Panic on Shades Creek

2013-12-06 06.14.59What happens when one man tries to make urban camping a thing.

Written by Phillip Ratliff


Afternoon rush hour had already swept over 21st Street when I began my bike ride over the mountain toward Shades Creek trail. Strapped to my back was a black North Face backpack weighing a good 20 pounds, loaded with enough food and supplies to last well into the next day. There was a tent, rented from Alabama Outdoors, and a brand-new lightweight sleeping bag, purchased from the same. There was food—Go Picnics, cereal bars, raw almonds, trail mix—twice the calories I would normally ingest over a 24-hour period. This was camping, I rationalized, and camping is work, strenuous, physical work.

Though it may seem a contradiction, camping is also the opposite of work. It’s fun, a wholly unnecessary thing we do to connect to something. Usually, that something is nature, and to a large degree my intent in heading to Shades Creek was to bask in nature. I was, however, engaged in a peculiar category of camping: urban camping, camping well within the confines of a city limit and in a place not designated for camping, surrounded by human activity that had nothing to do with camping. Besides urban camping, one could say I was stealth camping, transgressing a site’s intended function. Shades Creek trail is for running and cycling, the wooded patches serving as buffers between creek and road or trail and adjacent development. I would be sleeping and eating in one of these buffers.

Camping requires imposing obstacles: defining what you can and cannot do within or bring to the camp environment. Usually, there’s something primitive about that environment, but not necessarily. Located a few yards south of Lakeshore Drive, a few minutes’ bike ride from big-box stores, several restaurants, a hospital, a high school, and a university, my destination was the result of several decades of human activity. Setting limits would be more arbitrary than camping at, say, a state park, where choices are removed. Essentially, urban camping means engaging your survival instincts with one hand while short circuiting your chances, if ever so slightly, with the other. There’s nothing logical about urban camping, just as there’s nothing logical about dunking a basketball given all that we now know about ladders. I would eventually find, during the dozen or so hours I would spend haunting Shades Creek, that this had nothing to do with logic. Over the course of the evening, irrationality and ultimately panic would descend on my tent and me.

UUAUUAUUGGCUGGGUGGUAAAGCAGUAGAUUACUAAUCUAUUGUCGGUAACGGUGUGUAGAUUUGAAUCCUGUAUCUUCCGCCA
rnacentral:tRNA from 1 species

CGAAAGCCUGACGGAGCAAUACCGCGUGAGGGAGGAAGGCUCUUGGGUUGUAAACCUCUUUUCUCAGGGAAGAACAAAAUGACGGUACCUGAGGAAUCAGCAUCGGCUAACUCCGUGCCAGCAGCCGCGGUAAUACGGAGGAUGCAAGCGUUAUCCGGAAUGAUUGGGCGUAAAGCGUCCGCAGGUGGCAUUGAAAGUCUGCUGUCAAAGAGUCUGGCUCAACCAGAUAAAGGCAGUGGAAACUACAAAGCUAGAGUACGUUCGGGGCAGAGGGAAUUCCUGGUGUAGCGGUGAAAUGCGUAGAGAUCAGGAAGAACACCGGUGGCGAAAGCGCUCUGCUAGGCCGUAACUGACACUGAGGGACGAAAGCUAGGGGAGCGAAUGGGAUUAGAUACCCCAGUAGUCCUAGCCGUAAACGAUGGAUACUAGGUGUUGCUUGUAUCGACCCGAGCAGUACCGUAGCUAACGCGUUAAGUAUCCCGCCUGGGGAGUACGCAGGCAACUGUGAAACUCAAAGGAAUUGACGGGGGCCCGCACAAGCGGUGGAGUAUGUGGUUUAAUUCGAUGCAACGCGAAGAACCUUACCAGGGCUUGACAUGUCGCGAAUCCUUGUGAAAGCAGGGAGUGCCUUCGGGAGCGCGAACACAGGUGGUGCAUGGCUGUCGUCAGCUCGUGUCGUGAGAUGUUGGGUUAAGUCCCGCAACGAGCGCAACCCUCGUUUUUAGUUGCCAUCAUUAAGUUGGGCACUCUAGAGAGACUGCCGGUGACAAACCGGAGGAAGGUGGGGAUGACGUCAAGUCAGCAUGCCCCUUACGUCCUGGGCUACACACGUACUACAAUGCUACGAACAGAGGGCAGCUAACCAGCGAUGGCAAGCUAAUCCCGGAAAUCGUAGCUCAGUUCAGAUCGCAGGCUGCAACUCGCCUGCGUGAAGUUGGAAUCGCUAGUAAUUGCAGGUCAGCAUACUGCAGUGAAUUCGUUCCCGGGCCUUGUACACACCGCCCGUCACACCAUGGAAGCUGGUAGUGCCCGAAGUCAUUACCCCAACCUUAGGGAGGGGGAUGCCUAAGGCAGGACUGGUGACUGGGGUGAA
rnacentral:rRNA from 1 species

Once over Red Mountain, I made good time. Downtown Homewood was a matter of coasting and holding my lane against motorists who would poach my position should I flinch. I have overcome certain fears, bullies in vehicles being one, an accomplishment that goes against my more passive, and as some might say, Zenlike nature. Staring down a technical portion of a mountain bike trail has shrunk, so to speak, cars and their honking drivers down to a good size, a healthy, reasonable size. It’s a useful skill, holding a lane; that made passage along parts of Broadway go fast. Nevertheless, when I reached Edgewood’s alley system, running parallel to Broadway, I finally felt free to relax my vigilance, throttled only by the backpack, which had grown heavier it seemed, and the sweltering afternoon heat, which was approaching triple digits. Coasting off of Red Mountain felt something like air conditioning, but as the terrain flattened, it felt more like being in a pan or bowl into which the August heat had sunk.

A water fountain stands at the trail’s western entrance. I filled two water bottles and texted my wife, Abby, who had been tracking me through my phone’s GPS. A few minutes later, she was pulling off of Columbiana and into the trail parking lot to snap a few photos and offer up additional advice. We walked east along the trail toward a site I had scoped out earlier that week. Fifteen minutes later, after crossing a bridge, through a narrow swath of trees, the woods widened from the trail, extending about a hundred yards from the trail to a chain link fence.

2013-12-06 05.55.12-2I had only a vague idea of what supplies my backpack held. Abby, who had packed it, briefed me on its contents and offered a few words of advice. There was the tent, a one-man nylon unit held up by a Y-shaped skeleton. The tent had two layers, one a bug resistant mesh, one an optional water resistant outer shell. There was food, a flashlight, water, washcloths, soap, a towel, a tiny first aid kit, and bug spray. We discussed general safety issues and urination strategies. Abby reached into the backpack and pulled out a black handle.  “I bought you this,” she said. “Click this lever and it unlocks. It’s almost like a switchblade. Keep it with you.” I clicked and unfolded a stout blade.